Woodbridge, Virginia – The Black American Market App and Retail Shoppe located in Potomac Mills Mall officially opens its doors on September 17, 2022. The retail shoppe will house up to 250 black brands in one location. Their internal catalog will primarily house products from apparel & accessories, skin & body care, hair care, and candles, but they will look to expand for other brands. Additionally, for service-based and other businesses, registering with their black business directory allows for marketing opportunities as well.
Black American Market is owned by Mariah Bailey. She is a Detroit, Michigan native and graduate of Kentucky State University, receiving a bachelor’s degree in psychology and minoring in intelligence with a specialization in radicalization and behavior profiling. She has also received certification in Computer-Aided Drafting.
Mariah Bailey – Founder of Black American Market
Mariah began structuring her business in August 2020, while working on managing the application development of Black American Market, an app which she initially launched in December the same year. Now her team is working on launching a physical location. The project was self-funded, and she invested the money she earns from employment to scale her business.
“I self-funded my business for the last 2 years and now were in the position to scale and maximize our capabilities by putting others in position to grow their audience in a physical location while also bringing something new to the market but most importantly, bringing an opportunity for real-estate and collaboration to the community through the framework of group economics.”
She partnered with her brother, Caleb Weed for the retail shoppe as a Marketing & Advertising specialist.
“Shout out to Caleb Weed and The 02 Collection”
Did You know?
According to Black Economics 101, “The average Black dollar lasts only hours within the Black community and that lack of reinvestment—i.e., not supporting Black-owned banks and businesses—has in some ways contributed to the wealth gap between Blacks and other ethnicities.” —
Each year, over 37 million Black people in America spend approximately $1 trillion in value, much of which ends up in the hands of corporations and others who work against the best interests of Black people. If, as the old saying goes, money talks, then one trillion dollars should buy a lot of conversation—let them speak for Black economic empowerment. Supporting Black-owned businesses helps to strengthen the Black community’s economic viability.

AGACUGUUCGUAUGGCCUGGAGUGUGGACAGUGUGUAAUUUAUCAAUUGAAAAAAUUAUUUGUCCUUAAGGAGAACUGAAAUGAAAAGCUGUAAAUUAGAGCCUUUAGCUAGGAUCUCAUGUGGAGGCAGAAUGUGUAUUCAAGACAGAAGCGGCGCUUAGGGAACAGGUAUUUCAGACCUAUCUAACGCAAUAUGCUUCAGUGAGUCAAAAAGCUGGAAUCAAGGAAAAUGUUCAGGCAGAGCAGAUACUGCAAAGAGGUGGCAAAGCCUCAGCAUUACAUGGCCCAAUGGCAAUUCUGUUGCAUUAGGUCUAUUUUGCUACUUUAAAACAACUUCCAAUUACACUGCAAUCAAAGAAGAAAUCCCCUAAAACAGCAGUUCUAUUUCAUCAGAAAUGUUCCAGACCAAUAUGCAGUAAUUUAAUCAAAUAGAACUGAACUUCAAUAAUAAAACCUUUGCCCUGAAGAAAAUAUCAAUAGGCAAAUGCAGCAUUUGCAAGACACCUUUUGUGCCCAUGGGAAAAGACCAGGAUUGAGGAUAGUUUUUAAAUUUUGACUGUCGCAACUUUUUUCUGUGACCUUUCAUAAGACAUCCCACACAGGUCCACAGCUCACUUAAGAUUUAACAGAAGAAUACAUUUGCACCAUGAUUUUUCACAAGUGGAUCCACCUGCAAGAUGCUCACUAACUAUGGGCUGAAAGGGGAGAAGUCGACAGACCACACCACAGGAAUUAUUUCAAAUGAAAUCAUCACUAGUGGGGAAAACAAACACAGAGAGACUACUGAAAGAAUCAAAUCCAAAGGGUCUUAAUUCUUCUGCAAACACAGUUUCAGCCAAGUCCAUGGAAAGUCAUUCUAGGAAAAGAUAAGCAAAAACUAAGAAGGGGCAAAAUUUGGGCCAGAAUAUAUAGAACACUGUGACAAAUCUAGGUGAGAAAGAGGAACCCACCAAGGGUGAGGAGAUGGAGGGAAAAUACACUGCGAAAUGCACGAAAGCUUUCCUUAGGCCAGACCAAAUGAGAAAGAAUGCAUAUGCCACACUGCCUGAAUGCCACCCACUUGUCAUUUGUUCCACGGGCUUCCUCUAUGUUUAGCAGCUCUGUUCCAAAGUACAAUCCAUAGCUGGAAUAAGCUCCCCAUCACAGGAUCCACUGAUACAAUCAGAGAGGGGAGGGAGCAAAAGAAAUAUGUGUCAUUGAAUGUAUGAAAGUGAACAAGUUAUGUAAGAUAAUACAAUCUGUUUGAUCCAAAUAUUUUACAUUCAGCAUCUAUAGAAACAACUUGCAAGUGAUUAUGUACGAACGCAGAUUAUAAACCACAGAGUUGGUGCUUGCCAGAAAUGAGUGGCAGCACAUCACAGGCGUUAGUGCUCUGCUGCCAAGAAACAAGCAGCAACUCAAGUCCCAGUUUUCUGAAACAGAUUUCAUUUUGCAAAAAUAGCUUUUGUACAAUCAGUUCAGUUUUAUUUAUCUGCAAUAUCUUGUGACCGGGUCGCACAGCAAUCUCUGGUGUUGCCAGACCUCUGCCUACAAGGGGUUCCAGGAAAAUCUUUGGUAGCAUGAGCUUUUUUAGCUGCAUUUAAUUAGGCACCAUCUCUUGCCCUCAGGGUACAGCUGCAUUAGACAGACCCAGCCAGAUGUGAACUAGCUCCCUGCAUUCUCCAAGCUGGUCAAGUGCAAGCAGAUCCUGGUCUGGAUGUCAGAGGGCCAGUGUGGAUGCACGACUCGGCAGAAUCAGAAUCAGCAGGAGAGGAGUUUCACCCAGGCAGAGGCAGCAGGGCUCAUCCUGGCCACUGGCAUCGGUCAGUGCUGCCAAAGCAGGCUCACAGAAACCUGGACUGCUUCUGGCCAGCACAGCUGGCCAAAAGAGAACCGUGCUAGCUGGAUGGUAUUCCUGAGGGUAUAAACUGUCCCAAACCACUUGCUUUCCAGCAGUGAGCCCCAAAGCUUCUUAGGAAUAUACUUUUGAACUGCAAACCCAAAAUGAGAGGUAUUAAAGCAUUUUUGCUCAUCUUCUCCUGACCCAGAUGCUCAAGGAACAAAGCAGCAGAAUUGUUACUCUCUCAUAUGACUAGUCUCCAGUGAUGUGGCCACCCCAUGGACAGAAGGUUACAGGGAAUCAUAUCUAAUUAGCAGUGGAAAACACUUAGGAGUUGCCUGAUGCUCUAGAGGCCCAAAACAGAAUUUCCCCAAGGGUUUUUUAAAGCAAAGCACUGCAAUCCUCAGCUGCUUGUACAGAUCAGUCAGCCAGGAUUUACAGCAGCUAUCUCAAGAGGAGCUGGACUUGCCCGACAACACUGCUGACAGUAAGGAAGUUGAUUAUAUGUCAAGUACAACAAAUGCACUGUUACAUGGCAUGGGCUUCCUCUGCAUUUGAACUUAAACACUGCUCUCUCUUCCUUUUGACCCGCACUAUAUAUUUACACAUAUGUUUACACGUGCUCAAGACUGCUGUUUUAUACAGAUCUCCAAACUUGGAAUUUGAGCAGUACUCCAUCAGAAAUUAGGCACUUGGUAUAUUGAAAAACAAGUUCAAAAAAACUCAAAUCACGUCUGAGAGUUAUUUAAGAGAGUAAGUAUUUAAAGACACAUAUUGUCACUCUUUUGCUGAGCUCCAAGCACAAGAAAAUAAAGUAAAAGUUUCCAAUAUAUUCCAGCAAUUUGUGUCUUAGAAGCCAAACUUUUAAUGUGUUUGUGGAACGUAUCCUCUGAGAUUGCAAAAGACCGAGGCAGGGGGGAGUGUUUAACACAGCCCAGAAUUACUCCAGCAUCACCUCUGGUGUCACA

She also gave high regards to her business coach, Meyakka Sturdivant and her sister Taisha Bates:
“I also have a business consultant who mentors me, and I’d be remiss not to acknowledge the Klassy Business Consultant Ms. Meyakka Sturdivant as well as my sister who is my co-host for our podcast that will be relaunching in September of 2022, and she literally has my back administratively on EVERYTHING Ms. Tai Bates.”
So, I asked her where the inspiration comes to start her business, and she replied:
“I think the inspiration comes from literally identifying and partnering with my God given purpose. Being an advocate for success in the Black community was not something I chose Intentionally, it’s in my essence and there is this unshakable dedication to this mission. There were times I wanted to quit and in fact, If I were to quit right now, I would life an extremely comfortable life, but I would wake up every day knowing I failed by being selfish and quitting at something that is way bigger than myself. My inspiration for this business has very little to do with actual inspiration at all. I think it comes from intentional experiences to align my heart to my purpose. My motivation to keep going comes from a place of imagining what things could really be. T.D Jakes said, “God never made a chair. He gave man trees and imagination” Take those resources, experiences, and imagination and run as far as you can with it because the “inspiration” to do something could very well not be inspiration at all but more so purpose and assignment. “
Lastly, her message or advice to black entrepreneurs who are starting or working to become successful in business:
“a. Don’t worry about what happens if you fail. Worry about what happens if you never try. You never know who needs your product or service and/or what next big thing is attached to you executing your idea
b. You are going to make mistakes. Mistakes are inevitable but recovery from mistake is a choice. Don’t take those lessons personal. Find 3 positives in them and apply it every day after.
c. You know what your life is like if you don’t try., and if you choose to never try, you will never know what life can become.
d. Learn from those who are successful, but also learn from those who are not. Successful people show you what to do. Unsuccessful people show you what not to do.
e. Greet the janitor with the same respect you greet the CEO. Nobody is bigger than the mission and humility will take you farther than anything in this world.
f. Be firm and aggressive about accomplishing the goal not conquering people. Generosity and compassion goes a long way!”